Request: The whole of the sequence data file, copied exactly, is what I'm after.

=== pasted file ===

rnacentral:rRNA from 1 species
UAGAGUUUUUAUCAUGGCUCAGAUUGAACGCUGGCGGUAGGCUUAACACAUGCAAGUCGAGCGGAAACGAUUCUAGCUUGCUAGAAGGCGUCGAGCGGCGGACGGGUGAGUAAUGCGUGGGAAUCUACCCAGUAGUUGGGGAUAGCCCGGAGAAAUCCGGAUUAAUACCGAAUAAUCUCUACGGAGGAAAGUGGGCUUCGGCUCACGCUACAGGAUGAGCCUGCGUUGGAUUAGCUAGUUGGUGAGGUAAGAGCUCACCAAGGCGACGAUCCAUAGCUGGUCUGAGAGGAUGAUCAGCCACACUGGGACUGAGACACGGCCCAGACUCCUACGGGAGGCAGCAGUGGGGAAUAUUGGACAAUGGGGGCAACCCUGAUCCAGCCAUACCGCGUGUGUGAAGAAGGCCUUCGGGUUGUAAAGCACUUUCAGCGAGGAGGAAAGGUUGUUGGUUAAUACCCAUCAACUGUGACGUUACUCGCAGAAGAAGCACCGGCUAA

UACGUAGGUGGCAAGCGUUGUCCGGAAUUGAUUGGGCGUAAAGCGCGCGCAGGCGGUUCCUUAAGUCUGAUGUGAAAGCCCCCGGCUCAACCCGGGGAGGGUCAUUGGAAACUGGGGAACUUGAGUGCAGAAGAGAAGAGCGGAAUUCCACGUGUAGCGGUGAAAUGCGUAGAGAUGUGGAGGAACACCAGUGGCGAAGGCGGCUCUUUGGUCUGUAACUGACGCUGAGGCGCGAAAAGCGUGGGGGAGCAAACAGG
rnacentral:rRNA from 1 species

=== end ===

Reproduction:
rnacentral:rRNA from 1 species
UAGAGUUUUUAUCAUGGCUCAGAUUGAACGCUGGCGGUAGGCUUAACACAUGCAAGUCGAGCGGAAACGAUUCUAGCUUGCUAGAAGGCGUCGAGCGGCGGACGGGUGAGUAAUGCGUGGGAAUCUACCCAGUAGUUGGGGAUAGCCCGGAGAAAUCCGGAUUAAUACCGAAUAAUCUCUACGGAGGAAAGUGGGCUUCGGCUCACGCUACAGGAUGAGCCUGCGUUGGAUUAGCUAGUUGGUGAGGUAAGAGCUCACCAAGGCGACGAUCCAUAGCUGGUCUGAGAGGAUGAUCAGCCACACUGGGACUGAGACACGGCCCAGACUCCUACGGGAGGCAGCAGUGGGGAAUAUUGGACAAUGGGGGCAACCCUGAUCCAGCCAUACCGCGUGUGUGAAGAAGGCCUUCGGGUUGUAAAGCACUUUCAGCGAGGAGGAAAGGUUGUUGGUUAAUACCCAUCAACUGUGACGUUACUCGCAGAAGAAGCACCGGCUAA

UACGUAGGUGGCAAGCGUUGUCCGGAAUUGAUUGGGCGUAAAGCGCGCGCAGGCGGUUCCUUAAGUCUGAUGUGAAAGCCCCCGGCUCAACCCGGGGAGGGUCAUUGGAAACUGGGGAACUUGAGUGCAGAAGAGAAGAGCGGAAUUCCACGUGUAGCGGUGAAAUGCGUAGAGAUGUGGAGGAACACCAGUGGCGAAGGCGGCUCUUUGGUCUGUAACUGACGCUGAGGCGCGAAAAGCGUGGGGGAGCAAACAGG
rnacentral:rRNA from 1 species